resume. Tuesday , March 13th , 2018 - 18:35:48 PM
Most hiring managers are looking for your resume to assure them that you are more than likely to be a success. Because hiring a new employee is a time consuming and costly endeavor, they are looking for candidates that will be a "low risk" hire and hopefully as close to a "sure thing" as they can find. By taking the time to customize your resume to their specific job requirements, and then by creatively and enthusiastically selling yourself to them on how the skills and experience you have match up perfectly with what they are looking for you, you will convince them of this.
Using word-formatting options such as bold, underling and italics can be a great way to make certain details of your resume pop or stand out. However, there is a such thing as using these formatting tools to often or not enough. A good rule of thumb to follow is to use them only under certain conditions (i.e. underlining your previous job titles and putting past company names in italics). The hiring manager will have a much easier time finding the information that he or she needs on a resume with these sorts of patterns.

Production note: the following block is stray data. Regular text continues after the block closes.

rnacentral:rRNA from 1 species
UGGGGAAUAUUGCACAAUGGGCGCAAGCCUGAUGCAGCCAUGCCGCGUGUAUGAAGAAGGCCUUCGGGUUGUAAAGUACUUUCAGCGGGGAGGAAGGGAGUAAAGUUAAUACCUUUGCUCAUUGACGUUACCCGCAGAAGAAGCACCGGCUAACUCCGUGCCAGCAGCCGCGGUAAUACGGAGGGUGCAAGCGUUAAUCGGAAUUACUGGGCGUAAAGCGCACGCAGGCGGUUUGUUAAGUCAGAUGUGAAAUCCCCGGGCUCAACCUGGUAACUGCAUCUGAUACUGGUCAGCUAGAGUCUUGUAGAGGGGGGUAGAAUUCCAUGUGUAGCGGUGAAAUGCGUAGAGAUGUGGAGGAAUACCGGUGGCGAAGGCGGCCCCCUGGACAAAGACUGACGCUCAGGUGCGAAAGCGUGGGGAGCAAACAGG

Awards for achievement or bonuses earned: Always keep a record of any awards or bonuses you receive. These could be certificates or names on a top producer plate in the office, or any trophies, or special mentions in emails or in the company newsletter. In addition, if you won any trips or were paid bonuses, either daily or weekly, make sure and mention these as well. The best place to mention these is at the end of your resume in the "Conclusion," or "In Summary" section. An example might be:
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